1 - citz bank tix 5-2-08.jpgTim and I had never been to the Hall of Fame Club.  Citizens Bank Park has two levels of suites.  The normal “Suite Level” is just above the field level and is accessed through a “no frills” suite level walk way.  You can see that here.

The HOF Club is above the 200-level seating.  The “concourse” for the HOF Club isn’t a concourse at all.  Instead, its a indoor “Club” with a bar and couches, etc., etc.

For some inexplicable reason, I failed to take pictures of the HOF Club as a whole.  But, I did take a picture of a wall of baseballs in the club…

2 - Hall of Fame Club Wall of Balls.jpg…here is a closer view…

2a - Wall of Balls Odd Close-up.jpg…the wall is pretty cool.  However, the balls clearly aren’t game balls or even batting practice balls.  They were never used.  I think it would be more impressive if the balls were rubbed up with mud and/or scuffed so you knew they’d seen some action on the field below the HOF Club.

I also took a zoomed in picture of the bottom of the bar in the HOF Club…

3 - Hall of Fame Club Bar of Bats.jpg…honestly, I must have been off my game.  How in the world did I not take a picture of the entire bar area?

Anyway, the bat bar is pretty cool.  But, again, the bats obviously aren’t used.  I think it would be pretty sweet if they’d upgrade the bar with game used bats with scuff marks, pine tar stains, player signatures burned into the barrels, etc., etc.  Still, its a cool bar.

So, we made our way into the suite.  The Phils were hosting the Giants.  The Phils jumped out to a quick lead in the first inning when Jayson Werth singled, stole second, and was driven in on Chase Utley’s 12th homerun of the still young season.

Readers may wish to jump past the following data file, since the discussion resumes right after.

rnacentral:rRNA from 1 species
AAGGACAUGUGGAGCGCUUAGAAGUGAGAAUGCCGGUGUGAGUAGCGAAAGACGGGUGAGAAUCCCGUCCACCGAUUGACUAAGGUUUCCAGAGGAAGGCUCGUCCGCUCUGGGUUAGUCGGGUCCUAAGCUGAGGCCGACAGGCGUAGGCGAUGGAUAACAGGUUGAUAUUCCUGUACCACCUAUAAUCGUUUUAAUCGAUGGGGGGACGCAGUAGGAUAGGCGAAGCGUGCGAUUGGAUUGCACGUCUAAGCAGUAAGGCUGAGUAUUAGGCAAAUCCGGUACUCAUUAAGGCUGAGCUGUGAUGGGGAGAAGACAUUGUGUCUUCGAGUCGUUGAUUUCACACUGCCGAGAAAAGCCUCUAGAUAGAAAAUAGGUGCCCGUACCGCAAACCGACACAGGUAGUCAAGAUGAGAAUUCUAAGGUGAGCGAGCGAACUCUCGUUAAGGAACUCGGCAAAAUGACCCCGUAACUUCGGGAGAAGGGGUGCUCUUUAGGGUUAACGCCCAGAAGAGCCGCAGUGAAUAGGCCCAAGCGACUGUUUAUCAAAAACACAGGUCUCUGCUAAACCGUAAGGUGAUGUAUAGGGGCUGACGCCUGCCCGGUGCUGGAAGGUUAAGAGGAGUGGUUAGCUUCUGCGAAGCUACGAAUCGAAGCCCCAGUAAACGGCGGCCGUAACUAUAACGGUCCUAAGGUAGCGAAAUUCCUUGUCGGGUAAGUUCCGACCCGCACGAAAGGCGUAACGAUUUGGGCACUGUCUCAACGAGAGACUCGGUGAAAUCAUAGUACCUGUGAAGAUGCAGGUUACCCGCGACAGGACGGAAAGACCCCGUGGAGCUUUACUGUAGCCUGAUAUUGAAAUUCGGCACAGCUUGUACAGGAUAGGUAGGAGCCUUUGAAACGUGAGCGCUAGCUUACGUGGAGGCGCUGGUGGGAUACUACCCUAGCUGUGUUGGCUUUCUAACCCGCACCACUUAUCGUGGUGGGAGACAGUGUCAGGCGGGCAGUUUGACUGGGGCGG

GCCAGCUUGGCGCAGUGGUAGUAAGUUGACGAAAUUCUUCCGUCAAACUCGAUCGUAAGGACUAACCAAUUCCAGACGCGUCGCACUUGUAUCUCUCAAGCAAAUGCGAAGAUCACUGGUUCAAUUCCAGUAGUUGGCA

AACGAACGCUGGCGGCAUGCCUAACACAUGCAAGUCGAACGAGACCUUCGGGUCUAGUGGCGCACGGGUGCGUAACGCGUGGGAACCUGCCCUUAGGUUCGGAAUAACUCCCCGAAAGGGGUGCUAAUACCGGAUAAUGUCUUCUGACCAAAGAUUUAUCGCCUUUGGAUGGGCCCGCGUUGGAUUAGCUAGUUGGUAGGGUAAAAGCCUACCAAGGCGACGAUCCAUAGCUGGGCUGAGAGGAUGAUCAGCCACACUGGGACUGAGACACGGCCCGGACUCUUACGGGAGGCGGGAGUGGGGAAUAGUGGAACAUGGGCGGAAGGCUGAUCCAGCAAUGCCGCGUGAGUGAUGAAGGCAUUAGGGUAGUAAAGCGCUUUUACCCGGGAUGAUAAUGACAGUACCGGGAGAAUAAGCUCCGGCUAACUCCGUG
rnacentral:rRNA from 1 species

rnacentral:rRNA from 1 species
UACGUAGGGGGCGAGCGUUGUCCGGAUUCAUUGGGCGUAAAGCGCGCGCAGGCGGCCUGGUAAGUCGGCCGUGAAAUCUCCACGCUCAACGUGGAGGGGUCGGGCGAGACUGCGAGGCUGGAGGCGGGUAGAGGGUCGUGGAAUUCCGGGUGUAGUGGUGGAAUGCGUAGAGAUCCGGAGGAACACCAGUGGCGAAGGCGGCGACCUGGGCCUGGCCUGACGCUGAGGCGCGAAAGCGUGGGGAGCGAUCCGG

As the Phils were holding down the Giants’ offense, Tim was scarfing down delicious suite food.  After a jumbo hot dog main course, Tim moved on to a seemingly never ending dessert course.  Here he is showing off our “suite” view of the game and his first “sweet” tasting chocolate covered pretzel:

4 - chocolate covered pretzels.jpgThis may well have been Tim’s first chocolate covered pretzel of his life, but it wasn’t his last of the night.  He would have just kept going, so I had to step in and stop him after 2…or maybe 2-and-a-half…pretzels.

He was a happy, sugar filled little boy…

5 - tim and todd and more chocolate pretzels.jpg…I think he’s gazing at me so lovingly in that picture because he was so happy that I introduced him to chocolate covered pretzels.

One note about that picture.  You’ll notice I am not wearing my usual all-Mariners attire.  I opted for the red Rawlings T-shirt and my Reading Phillies hat because I was essentially a guest of the Phillies at this game.  There was no way I was dressing Tim up in Phillies garb (actually, I couldn’t if I wanted to he doesn’t own any).  But I felt too bad to have us both in all-Mariners gear with no Phillies representation.